Leadership message from Paul Marshall

Transcript from Paul Marshall, Head of Operations Suffolk & North Essex 18th June 2020 

Hi, my name is Paul Marshall, and I’m the Head of Ops for Suffolk and North Essex, and I’ve been asked to put together a short leadership message to share with you. But before I talk anything EEAST related specifically, I would like to talk about discrimination, which is very pertinent at the moment. And I want to make it very clear that there is no room for discrimination in work or out of the workplace. If you’ve been discriminated against, if you know someone who has been discriminated against, even if you haven’t been discriminated against, we must come together to stamp out any discrimination where we come across it. And we must support those who have been discriminated against. It doesn’t matter if the discrimination was on race, religion, sex, gender, or any of the other protected characteristics, it doesn’t matter, we need to stamp discrimination out. So, please, if you have any concerns, speak to your local managers, who I am positive will support you and find you the help you need. Together, we can stamp it out.

Moving on the EEAST related issues, and Covid-19 at the moment, the response that we have put together. One of the things that we have started recently, very successfully, is the antibody testing. It is so impressive the amount of people that we have tested, the team that have put it together – amazing, thank you very much, you’ve done a great job. It is something we have been asking for in the NHS for a while, so it is really good that it is here now, and we’re getting some of those answers. Could I just remind you, though, to read the guidelines. Those people that are doing the testing and taking the blood, read the guidelines, the PPE guidance out there, Covid-19 is still very, very around, very live, and prevalent, and we must take those precautions. So please make sure you are aware of what PPE to wear, when to wear it, and make sure that you are protecting yourself and the people you are taking blood from. Just take a minute to read about those guidelines.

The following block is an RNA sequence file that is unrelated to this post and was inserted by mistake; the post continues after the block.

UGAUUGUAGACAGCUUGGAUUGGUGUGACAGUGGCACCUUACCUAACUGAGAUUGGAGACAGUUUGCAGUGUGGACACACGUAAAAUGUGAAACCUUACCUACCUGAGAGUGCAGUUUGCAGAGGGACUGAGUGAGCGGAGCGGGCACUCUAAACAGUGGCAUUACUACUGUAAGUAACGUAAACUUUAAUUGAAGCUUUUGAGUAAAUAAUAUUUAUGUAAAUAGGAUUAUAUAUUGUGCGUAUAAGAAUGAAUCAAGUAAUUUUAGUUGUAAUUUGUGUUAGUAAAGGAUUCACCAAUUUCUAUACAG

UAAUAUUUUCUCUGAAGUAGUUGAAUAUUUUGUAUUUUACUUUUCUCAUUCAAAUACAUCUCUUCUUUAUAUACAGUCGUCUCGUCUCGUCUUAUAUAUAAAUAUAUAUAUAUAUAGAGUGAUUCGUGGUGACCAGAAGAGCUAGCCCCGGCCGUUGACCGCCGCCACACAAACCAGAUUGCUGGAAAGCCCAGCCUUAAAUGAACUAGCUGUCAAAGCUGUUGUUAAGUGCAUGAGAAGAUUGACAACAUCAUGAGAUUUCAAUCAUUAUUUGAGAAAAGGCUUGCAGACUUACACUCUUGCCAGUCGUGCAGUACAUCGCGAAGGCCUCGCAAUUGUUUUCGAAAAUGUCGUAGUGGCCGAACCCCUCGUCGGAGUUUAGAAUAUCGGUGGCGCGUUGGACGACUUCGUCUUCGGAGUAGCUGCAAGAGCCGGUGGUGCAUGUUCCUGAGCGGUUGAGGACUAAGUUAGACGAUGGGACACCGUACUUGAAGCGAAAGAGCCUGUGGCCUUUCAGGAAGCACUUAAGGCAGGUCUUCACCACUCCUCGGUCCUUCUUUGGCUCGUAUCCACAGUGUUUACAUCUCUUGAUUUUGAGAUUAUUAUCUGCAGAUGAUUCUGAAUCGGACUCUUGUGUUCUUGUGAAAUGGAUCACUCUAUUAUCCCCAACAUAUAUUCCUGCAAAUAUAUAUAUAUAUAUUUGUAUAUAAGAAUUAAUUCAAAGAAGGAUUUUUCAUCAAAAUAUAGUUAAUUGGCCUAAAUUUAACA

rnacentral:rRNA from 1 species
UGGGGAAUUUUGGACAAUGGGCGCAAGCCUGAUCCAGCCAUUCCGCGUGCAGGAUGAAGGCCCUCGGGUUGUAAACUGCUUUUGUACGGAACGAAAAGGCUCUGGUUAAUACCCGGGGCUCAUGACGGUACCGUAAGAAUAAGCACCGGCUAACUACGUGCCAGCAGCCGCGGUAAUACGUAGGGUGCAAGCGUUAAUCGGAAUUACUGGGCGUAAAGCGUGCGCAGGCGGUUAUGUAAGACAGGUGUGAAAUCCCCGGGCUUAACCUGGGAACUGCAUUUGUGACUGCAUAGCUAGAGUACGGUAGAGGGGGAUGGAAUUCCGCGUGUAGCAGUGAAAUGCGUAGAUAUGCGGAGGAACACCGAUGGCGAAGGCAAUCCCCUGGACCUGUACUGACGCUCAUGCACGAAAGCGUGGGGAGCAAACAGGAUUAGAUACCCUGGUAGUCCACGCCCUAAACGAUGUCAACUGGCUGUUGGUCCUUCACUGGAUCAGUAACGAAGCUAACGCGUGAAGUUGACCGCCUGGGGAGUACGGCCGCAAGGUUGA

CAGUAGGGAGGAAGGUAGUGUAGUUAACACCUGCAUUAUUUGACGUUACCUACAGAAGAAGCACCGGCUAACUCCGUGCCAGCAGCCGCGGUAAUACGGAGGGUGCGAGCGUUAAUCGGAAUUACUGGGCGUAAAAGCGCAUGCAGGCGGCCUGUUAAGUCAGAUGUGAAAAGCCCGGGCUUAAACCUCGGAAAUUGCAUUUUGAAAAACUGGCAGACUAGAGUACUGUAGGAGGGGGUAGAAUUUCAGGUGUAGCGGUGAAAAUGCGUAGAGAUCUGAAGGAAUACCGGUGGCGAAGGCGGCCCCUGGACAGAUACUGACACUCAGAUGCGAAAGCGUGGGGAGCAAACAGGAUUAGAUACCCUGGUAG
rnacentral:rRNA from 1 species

And talking of Covid-19, we are still trying to get this social distancing right on the stations. It’s still a concern, and I’m sure you will do what you can. But I understand the difficulties whilst you carry out your work, and we want to ensure that we support you where we are able to. So, this means being careful using the kitchens on stations. If there are a number of people in there and you need to wait a minute until someone comes out, then let’s just wait a minute, let someone come out before you go in there. If there’s too many people on station, raise the alarm, speak to AOC’s, see if we can do something to try and allow you to practice social distancing on the stations where possible. I’m not suggesting that it will be easy, and I’m not just suggesting that we can resolve all the concerns and issues, but by doing it together, we will do our best, and we’ll minimise the risk where possible whilst we’re still responding and giving the excellent service to our patients that we do.